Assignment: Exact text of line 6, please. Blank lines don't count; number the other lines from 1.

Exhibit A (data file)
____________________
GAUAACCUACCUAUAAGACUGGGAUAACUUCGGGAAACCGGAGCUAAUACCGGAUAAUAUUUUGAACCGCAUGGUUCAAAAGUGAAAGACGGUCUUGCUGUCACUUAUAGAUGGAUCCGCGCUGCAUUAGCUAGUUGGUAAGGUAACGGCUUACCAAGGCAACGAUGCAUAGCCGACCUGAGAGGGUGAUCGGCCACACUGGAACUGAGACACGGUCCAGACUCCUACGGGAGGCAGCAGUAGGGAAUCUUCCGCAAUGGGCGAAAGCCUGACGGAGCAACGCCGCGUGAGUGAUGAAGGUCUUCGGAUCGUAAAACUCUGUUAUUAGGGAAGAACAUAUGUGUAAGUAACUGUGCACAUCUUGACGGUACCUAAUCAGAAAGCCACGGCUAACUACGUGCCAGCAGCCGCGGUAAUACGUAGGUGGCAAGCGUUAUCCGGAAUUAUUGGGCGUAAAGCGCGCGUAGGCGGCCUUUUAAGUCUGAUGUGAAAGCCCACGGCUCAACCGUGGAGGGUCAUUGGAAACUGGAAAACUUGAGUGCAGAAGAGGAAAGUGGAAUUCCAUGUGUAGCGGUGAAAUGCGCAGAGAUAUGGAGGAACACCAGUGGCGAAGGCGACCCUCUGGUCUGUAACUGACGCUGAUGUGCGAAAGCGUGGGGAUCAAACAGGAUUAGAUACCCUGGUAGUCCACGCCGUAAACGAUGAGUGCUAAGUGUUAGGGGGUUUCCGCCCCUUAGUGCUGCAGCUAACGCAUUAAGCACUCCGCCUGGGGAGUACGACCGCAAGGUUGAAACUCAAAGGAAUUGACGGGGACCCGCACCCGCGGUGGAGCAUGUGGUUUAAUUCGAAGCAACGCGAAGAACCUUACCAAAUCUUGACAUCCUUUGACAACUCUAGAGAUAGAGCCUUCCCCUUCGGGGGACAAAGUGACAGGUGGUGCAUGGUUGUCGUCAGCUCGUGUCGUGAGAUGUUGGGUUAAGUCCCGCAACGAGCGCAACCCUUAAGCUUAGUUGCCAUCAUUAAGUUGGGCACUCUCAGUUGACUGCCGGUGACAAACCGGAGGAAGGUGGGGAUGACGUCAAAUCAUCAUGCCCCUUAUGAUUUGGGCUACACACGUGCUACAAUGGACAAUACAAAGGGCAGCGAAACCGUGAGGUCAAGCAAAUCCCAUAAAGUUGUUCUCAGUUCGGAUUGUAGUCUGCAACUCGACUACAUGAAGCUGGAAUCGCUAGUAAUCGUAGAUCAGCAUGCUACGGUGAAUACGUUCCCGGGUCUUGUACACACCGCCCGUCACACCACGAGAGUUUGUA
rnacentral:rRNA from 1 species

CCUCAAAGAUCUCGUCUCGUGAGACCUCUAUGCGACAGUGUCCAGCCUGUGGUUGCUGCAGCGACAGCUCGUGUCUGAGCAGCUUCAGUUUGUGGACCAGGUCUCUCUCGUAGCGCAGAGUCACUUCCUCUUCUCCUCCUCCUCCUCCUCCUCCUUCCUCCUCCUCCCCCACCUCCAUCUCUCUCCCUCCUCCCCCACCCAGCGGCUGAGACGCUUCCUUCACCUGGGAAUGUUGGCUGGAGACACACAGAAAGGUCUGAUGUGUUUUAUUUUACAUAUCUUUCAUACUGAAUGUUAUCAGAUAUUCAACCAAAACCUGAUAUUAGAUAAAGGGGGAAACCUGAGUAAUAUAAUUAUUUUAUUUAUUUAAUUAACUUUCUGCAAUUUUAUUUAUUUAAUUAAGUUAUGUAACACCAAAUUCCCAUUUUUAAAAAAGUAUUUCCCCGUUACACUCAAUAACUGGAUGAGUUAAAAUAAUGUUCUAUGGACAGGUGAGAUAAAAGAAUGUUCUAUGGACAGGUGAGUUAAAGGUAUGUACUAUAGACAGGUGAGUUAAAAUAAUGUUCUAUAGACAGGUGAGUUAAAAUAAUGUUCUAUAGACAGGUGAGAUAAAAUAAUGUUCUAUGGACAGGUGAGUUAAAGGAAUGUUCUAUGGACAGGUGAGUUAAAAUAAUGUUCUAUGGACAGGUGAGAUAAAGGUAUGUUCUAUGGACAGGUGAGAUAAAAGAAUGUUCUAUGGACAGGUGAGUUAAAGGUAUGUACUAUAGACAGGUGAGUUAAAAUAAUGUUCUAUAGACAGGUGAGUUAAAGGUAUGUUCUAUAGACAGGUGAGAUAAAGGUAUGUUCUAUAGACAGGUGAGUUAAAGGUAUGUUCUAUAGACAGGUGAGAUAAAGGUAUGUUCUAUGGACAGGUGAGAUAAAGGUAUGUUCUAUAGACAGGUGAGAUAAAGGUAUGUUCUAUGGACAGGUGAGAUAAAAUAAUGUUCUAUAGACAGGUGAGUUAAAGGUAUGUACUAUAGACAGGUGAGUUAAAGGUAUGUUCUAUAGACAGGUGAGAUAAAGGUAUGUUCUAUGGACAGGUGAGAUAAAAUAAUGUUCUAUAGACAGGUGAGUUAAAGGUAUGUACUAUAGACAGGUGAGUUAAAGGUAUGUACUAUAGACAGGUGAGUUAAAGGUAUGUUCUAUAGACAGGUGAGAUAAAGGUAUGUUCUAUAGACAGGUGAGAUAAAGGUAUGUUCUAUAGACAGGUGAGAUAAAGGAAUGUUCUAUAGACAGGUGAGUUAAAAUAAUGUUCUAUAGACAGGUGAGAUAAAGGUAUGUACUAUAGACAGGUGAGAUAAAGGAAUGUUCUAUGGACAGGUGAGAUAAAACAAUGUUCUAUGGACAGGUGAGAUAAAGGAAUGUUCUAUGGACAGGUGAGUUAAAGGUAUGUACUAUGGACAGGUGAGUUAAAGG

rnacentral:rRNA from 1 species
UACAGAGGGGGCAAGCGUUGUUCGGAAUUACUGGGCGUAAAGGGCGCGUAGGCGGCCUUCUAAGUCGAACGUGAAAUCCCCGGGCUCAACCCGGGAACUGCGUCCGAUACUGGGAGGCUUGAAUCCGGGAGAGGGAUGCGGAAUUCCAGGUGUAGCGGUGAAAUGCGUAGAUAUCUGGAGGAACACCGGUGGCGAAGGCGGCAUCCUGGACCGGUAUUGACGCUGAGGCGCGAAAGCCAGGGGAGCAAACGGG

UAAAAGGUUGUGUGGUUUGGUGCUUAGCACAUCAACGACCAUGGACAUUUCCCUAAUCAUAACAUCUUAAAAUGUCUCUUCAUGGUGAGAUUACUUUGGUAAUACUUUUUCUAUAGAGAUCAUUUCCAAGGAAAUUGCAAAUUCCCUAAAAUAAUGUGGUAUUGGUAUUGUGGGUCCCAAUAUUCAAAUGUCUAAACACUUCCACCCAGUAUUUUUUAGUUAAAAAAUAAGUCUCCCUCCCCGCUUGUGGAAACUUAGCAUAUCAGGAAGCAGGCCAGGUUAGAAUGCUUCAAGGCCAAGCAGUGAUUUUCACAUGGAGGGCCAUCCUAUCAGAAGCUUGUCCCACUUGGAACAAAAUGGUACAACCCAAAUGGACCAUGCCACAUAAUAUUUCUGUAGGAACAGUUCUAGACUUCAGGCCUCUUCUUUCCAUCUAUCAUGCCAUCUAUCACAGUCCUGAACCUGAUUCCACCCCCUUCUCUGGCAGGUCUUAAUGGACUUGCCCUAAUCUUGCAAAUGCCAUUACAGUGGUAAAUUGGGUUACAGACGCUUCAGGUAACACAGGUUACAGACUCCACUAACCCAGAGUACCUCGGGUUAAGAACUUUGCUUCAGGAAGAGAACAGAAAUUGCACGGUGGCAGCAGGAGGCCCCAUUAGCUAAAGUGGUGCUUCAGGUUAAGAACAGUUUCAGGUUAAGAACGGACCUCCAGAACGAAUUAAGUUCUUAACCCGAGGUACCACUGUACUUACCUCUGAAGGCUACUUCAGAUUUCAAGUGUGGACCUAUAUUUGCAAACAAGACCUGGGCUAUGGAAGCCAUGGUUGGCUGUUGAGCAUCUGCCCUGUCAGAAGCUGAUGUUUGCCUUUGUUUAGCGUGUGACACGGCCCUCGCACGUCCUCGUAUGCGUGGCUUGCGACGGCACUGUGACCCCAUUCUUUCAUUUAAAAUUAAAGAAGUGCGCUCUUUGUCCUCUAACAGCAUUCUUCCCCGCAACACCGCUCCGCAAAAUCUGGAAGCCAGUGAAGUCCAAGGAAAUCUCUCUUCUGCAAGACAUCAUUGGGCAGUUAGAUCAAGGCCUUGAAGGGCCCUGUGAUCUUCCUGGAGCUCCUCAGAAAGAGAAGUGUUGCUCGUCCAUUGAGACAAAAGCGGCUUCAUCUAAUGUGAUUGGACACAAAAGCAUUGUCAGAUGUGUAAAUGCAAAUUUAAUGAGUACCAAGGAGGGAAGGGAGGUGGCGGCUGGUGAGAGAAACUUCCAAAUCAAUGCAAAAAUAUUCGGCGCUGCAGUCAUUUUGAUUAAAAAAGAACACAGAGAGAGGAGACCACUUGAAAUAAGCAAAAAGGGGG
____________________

UAAAAGGUUGUGUGGUUUGGUGCUUAGCACAUCAACGACCAUGGACAUUUCCCUAAUCAUAACAUCUUAAAAUGUCUCUUCAUGGUGAGAUUACUUUGGUAAUACUUUUUCUAUAGAGAUCAUUUCCAAGGAAAUUGCAAAUUCCCUAAAAUAAUGUGGUAUUGGUAUUGUGGGUCCCAAUAUUCAAAUGUCUAAACACUUCCACCCAGUAUUUUUUAGUUAAAAAAUAAGUCUCCCUCCCCGCUUGUGGAAACUUAGCAUAUCAGGAAGCAGGCCAGGUUAGAAUGCUUCAAGGCCAAGCAGUGAUUUUCACAUGGAGGGCCAUCCUAUCAGAAGCUUGUCCCACUUGGAACAAAAUGGUACAACCCAAAUGGACCAUGCCACAUAAUAUUUCUGUAGGAACAGUUCUAGACUUCAGGCCUCUUCUUUCCAUCUAUCAUGCCAUCUAUCACAGUCCUGAACCUGAUUCCACCCCCUUCUCUGGCAGGUCUUAAUGGACUUGCCCUAAUCUUGCAAAUGCCAUUACAGUGGUAAAUUGGGUUACAGACGCUUCAGGUAACACAGGUUACAGACUCCACUAACCCAGAGUACCUCGGGUUAAGAACUUUGCUUCAGGAAGAGAACAGAAAUUGCACGGUGGCAGCAGGAGGCCCCAUUAGCUAAAGUGGUGCUUCAGGUUAAGAACAGUUUCAGGUUAAGAACGGACCUCCAGAACGAAUUAAGUUCUUAACCCGAGGUACCACUGUACUUACCUCUGAAGGCUACUUCAGAUUUCAAGUGUGGACCUAUAUUUGCAAACAAGACCUGGGCUAUGGAAGCCAUGGUUGGCUGUUGAGCAUCUGCCCUGUCAGAAGCUGAUGUUUGCCUUUGUUUAGCGUGUGACACGGCCCUCGCACGUCCUCGUAUGCGUGGCUUGCGACGGCACUGUGACCCCAUUCUUUCAUUUAAAAUUAAAGAAGUGCGCUCUUUGUCCUCUAACAGCAUUCUUCCCCGCAACACCGCUCCGCAAAAUCUGGAAGCCAGUGAAGUCCAAGGAAAUCUCUCUUCUGCAAGACAUCAUUGGGCAGUUAGAUCAAGGCCUUGAAGGGCCCUGUGAUCUUCCUGGAGCUCCUCAGAAAGAGAAGUGUUGCUCGUCCAUUGAGACAAAAGCGGCUUCAUCUAAUGUGAUUGGACACAAAAGCAUUGUCAGAUGUGUAAAUGCAAAUUUAAUGAGUACCAAGGAGGGAAGGGAGGUGGCGGCUGGUGAGAGAAACUUCCAAAUCAAUGCAAAAAUAUUCGGCGCUGCAGUCAUUUUGAUUAAAAAAGAACACAGAGAGAGGAGACCACUUGAAAUAAGCAAAAAGGGGG